US Appeals Court has invalidated the Nuclear Waste Storage Permit for Texas


Well-known member
Jul 9, 2023
On Friday, August 26th, a permit and license that had been issued back in 2021 to Interim Storage Partners LLC who are a project developer but this past Friday, the permit was invalidated by the US Appeal Court.

This permit had initially been asked for and granted back in 2021 to allow them to build a temporary nuclear storage waste facility in Western Texas.

Texas Governor Greg Abbot was against the license and permit in 2021 saying that he was not going to allow Texas to be the dumping ground for America's nuclear waste. It seems this past week Abbot got his wish and the license and permit were revoked.

You can read more about the invalidated permit here
United States
Noticed that the opposing parties (Texas and Texas oil and gas interests) were arguing that the nuclear waste storage facility "would be dangerous to build in one of the nation's largest oil basins." I guess the fear here was radioactive oil??

That aside, this seems to be a case of the courts stepping in and making the permit process even more difficult. I mean, of course no one's going to want a nuclear waste facility anywhere near them...all in all, I can't think of a better argument for streamlining renewables permitting than seeing Texas debate the disposal of nuclear waste in oil fields.
It's interesting that the article brings up the fact that the initial permit broke the law...

"a license for that kind of a facility also conflicts with a U.S. law called the Nuclear Waste Policy Act, which prioritizes permanent storage solutions and otherwise allows temporary storage of nuclear waste only at reactors themselves or at federal sites."

We have safety laws for a reason, so why was this permit allowed in the first place that was against the Nuclear Waste Policy Act? Was it out of ignorance or interference by the facility? Did money change hands to make it happen? Those are questions I'd love to see answered.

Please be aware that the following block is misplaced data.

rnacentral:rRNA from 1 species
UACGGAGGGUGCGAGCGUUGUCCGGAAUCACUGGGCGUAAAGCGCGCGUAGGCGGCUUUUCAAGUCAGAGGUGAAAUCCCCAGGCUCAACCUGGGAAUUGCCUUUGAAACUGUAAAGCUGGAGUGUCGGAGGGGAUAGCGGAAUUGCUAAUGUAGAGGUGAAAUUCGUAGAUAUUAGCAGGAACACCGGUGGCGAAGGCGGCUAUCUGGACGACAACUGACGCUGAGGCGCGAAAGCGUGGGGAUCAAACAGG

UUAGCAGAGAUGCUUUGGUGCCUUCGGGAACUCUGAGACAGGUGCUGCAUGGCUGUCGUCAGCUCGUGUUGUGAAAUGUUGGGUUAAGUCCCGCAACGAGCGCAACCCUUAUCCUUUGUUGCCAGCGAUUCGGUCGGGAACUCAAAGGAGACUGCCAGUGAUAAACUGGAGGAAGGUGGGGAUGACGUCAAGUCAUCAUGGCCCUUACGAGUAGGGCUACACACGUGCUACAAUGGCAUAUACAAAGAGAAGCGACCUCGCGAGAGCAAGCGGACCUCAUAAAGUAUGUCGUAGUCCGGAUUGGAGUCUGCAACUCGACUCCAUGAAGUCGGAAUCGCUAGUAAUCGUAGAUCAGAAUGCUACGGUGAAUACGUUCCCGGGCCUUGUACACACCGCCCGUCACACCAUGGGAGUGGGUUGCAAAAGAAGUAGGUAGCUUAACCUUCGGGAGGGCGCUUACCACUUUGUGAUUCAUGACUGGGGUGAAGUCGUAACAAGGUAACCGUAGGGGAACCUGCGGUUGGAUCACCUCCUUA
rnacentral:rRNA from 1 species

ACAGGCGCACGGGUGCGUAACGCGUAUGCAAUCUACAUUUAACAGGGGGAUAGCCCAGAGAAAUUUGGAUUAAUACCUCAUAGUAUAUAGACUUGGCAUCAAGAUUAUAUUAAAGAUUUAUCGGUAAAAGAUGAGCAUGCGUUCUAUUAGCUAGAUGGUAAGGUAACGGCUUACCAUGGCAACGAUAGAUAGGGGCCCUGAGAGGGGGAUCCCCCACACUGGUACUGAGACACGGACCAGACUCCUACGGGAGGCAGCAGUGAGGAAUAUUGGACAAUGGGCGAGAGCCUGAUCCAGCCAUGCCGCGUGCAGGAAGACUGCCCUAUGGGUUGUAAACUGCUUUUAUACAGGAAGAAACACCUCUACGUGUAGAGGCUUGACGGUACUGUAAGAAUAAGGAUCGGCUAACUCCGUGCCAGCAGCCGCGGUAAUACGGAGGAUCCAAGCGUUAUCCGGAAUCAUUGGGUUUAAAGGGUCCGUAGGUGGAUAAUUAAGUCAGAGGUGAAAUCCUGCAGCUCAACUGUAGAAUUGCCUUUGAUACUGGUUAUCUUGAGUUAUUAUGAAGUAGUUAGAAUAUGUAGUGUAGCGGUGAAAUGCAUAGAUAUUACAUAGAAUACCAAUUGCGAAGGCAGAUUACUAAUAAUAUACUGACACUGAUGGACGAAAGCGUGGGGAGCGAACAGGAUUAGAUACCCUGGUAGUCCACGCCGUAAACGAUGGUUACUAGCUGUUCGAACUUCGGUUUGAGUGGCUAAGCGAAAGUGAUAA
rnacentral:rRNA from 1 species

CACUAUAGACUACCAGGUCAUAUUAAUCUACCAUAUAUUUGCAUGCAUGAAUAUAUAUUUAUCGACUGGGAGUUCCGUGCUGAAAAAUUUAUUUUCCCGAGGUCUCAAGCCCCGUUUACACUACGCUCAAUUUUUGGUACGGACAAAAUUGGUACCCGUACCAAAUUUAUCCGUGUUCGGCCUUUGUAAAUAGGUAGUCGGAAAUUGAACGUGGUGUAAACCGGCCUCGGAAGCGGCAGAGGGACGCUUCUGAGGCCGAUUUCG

The US Appeal Court's decision to invalidate the permit for the temporary nuclear storage waste facility in Western Texas represents a victory for Texas Governor Greg Abbott. While concerns about becoming a nuclear waste dumping ground are legitimate, this case highlights the intricate balance between economic development and environmental responsibility.
If nuclear power is so safe, why are people against the storage of the waste? What exactly is it that they need to dump, and how does that differ from the process of making nuclear power?
I'm completely in support and backing the decision of the Texas Governor Greg because it's the right thing to do. There's no way it's going to be in the best interest of the people of Texas to have their State being used as a dumping ground for America's nuclear waste. There are so many dangers to it that's going to last long for its effects to clear out.
I agree with Gregg Abbott's views. He has rightly opposed the plan for nuclear waste storage. He has clearly shown his concern that he would not let Texas become "America's nuclear waste dumping ground."

Different studies prove that nuclear wastes produce harmful radiations. It also contaminates the environment and can cause serious health issues during its direct exposure.
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When managing waste, especially something like nuclear waste, I believe it should be managed where it is generated. I do not think it is appropriate to dumb waste in other places. I think revoking of permit shows that even the law does not agree that a random place should not be used as a dumping ground.